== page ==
Tuesday, January 5, 2010

Clutter as Teacher?

This week hasn't been so easy for me. Cleaning is NOT fun. I mean, on any given day cleaning clutter and a root canal can battle for top spot on my "make me want to vomit" list. True story.

I'm learning a valuable lesson here. It's all about the "religion of stuff." How I worship stuff. How stuff symbolizes goals and accomplishments. How stuff acts as medicine, therapist, and confidante. At this exact moment in our house, there is not a real corner without a stack of writing books, or a pile of scrapbook layouts, or 15 pieces from a leggo set, or a sock, or a half-eaten cereal puffy thing. In this house, stuff represents all the things we're striving for, and everything we're just shy of.

I want to publish a book. It's no secret. I have amassed what seems like every single title that involves writing or fiction known to Bookdom. They're everywhere. I buy them when I'm lazy and I'm thinking about writing. I buy them when I'm in the middle of writing and I need an excuse to get up and leave. I bu them when I'm depressed about how I am 31 and I'm still struggling. (Books are just an example here...you can substitute it with pretty much anything I have lying around...scrapbook materials, yarn and knitting needles, fabric and the sewing machine, cookbooks, recipe cards, excercise equipment...you name it, I own it.)

I'm figuring out that to me, owning objects equates to realizing dreams. And it's just not that easy, is it? Sure, I'm terrible at knitting, but don't I get any points for owning 86 balls of yarn?

What's harder is the realization that owning mountains of neat things that I'll never accomplish is getting me nowhere closer to accomplishing. If anything, I come home and I'm stressed. Too much crap. Too much geegaws. I look at that craft shelf and I don't feel motivated, I feel annoyed. ("Who the hell bought all that s&^t, anyway?" My natural reaction is to blame P. Surely he thought it'd be a good idea to grab 15 pads of scrapbooking mat papers, right?)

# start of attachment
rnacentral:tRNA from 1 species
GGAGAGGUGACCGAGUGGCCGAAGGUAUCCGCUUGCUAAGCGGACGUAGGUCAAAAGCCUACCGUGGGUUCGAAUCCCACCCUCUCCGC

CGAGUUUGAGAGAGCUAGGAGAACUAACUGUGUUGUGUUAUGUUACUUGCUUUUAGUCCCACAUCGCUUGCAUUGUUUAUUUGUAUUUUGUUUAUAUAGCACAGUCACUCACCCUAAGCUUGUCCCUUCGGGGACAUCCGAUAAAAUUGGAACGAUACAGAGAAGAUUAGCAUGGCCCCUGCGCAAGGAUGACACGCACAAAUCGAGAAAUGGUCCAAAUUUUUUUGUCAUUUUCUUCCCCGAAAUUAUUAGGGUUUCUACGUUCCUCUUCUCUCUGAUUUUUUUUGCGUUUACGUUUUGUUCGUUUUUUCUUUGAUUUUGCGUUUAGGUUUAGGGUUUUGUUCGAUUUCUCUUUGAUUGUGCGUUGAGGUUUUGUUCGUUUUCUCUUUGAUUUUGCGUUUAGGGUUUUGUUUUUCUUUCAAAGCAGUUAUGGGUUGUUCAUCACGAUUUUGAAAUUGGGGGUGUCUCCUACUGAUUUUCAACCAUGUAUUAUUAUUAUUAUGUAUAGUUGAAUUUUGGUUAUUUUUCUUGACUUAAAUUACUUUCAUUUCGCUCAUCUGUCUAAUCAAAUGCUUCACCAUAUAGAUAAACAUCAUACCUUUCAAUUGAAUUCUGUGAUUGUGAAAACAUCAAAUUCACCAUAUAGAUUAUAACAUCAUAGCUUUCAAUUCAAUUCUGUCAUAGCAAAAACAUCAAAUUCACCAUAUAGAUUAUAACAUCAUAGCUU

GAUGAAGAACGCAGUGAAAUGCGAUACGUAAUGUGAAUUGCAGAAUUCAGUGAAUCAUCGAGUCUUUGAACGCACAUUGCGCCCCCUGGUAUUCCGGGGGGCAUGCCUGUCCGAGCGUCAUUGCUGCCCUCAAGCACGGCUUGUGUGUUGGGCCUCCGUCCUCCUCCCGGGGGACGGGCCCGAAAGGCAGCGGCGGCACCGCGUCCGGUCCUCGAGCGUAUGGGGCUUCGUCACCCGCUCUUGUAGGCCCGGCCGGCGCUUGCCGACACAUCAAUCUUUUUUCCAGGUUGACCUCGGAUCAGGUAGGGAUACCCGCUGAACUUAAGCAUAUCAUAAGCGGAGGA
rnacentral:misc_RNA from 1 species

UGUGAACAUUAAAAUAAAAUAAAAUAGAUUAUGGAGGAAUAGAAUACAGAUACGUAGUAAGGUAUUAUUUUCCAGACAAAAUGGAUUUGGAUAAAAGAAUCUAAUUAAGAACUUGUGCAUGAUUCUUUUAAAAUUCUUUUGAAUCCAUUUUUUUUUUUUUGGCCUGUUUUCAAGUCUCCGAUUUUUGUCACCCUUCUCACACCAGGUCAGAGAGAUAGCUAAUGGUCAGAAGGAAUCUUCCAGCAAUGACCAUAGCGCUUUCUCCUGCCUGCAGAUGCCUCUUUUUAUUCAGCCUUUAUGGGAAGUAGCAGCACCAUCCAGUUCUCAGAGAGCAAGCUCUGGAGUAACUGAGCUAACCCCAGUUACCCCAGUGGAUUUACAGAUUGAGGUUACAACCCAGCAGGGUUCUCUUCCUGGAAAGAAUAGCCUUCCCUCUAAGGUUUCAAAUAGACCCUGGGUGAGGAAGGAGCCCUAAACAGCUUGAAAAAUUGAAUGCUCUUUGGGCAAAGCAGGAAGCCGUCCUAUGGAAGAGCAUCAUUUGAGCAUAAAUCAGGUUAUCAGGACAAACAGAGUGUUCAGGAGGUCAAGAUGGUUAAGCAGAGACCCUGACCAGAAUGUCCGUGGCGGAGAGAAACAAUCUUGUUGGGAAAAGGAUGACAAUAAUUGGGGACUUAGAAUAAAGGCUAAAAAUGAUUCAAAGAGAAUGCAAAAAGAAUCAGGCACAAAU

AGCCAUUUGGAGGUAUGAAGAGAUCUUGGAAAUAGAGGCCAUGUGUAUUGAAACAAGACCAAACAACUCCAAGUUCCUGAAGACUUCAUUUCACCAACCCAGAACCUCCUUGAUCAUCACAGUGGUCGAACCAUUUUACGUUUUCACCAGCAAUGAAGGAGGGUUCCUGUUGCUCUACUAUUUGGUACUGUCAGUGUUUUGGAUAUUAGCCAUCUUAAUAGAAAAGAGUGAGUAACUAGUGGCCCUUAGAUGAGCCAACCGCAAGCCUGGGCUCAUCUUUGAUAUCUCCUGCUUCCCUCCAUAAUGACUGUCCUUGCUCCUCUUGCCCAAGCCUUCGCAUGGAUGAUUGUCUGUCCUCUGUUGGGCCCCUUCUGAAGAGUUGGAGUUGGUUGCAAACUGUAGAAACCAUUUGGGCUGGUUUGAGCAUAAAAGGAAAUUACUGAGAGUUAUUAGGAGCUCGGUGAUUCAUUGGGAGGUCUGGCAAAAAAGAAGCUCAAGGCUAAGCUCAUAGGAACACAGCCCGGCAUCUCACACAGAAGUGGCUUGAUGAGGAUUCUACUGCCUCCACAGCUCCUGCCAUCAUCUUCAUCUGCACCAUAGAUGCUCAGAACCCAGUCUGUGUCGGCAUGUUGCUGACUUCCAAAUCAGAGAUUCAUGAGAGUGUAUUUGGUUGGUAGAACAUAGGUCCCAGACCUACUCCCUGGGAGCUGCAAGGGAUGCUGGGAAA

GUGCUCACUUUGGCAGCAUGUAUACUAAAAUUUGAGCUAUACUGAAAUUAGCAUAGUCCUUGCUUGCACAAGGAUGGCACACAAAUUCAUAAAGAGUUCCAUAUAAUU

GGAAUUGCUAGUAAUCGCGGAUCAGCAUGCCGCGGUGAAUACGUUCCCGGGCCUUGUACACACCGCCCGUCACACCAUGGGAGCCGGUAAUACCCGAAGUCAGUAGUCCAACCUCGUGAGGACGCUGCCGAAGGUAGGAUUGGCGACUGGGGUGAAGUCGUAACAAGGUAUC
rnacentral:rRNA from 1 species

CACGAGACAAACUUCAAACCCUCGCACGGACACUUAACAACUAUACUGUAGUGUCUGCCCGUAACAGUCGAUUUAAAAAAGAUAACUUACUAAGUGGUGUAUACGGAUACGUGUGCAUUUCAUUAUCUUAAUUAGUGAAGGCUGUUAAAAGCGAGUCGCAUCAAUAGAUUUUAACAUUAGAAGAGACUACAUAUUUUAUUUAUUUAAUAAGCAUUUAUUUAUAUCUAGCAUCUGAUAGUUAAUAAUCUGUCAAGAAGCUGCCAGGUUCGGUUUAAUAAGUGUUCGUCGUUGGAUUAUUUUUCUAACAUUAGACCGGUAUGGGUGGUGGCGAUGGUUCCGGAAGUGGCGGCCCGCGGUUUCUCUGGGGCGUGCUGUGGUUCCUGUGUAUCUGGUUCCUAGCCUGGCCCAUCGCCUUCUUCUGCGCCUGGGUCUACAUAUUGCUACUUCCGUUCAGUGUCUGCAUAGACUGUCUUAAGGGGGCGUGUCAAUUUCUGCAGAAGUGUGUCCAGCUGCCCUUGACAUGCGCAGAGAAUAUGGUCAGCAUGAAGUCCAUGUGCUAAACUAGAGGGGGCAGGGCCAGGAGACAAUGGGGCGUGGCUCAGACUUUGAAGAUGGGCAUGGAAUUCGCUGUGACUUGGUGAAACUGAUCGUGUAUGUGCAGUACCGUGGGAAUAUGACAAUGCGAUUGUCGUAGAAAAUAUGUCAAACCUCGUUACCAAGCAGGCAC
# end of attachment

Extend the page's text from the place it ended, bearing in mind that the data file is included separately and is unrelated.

The other half of that vicious cycle is money. It's no secret that the Applegates ain't exactly the Rockefellers yet. But financial dieting pisses me off. And spending little amounts of money on little piles of doohickeys is a cheap little addicting thrill. I might possible throw up on myself if someone were to tally the amount of money I've spent on my endless good intentions. ("This bi%$h is crazy!!" my piles of thingies is screaming.)

The internal war that unfolds whenever I come near the stacks with a trash bag is heart rendering. (I know, I'm dramatic.) I see my "How I Write" book by Janet Evanovich and I think, "How could I possibly throw that away? I may need that as a reference someday?" Truth be told, I've gleaned all that I can from most of my books and now I hold on to them for no real reason. Same with the yarn. Each unused ball tells the story of what I wanted it to be (a hat for Andrew!) and what it never is going to be (a hat for Andrew!), because, let's face it, an abomination occurred the last time I picked up yarn and round needles.

I've written off this week's challenge by saying I don't have time. I cleaned out the fridge so far, and that's it. (Lame!) Yes, I'm in danger of failing this one miserably, but I AM learning the valuable lesson behind it...more stuff = more fun, right? Ha!

Hi. My name is Megan. And I think I'm addicted to my clutter. :)

1 comment:

  1. Me too!! Glad to know that there is someone else out there who is sick like me!! Nice to know ya friend.......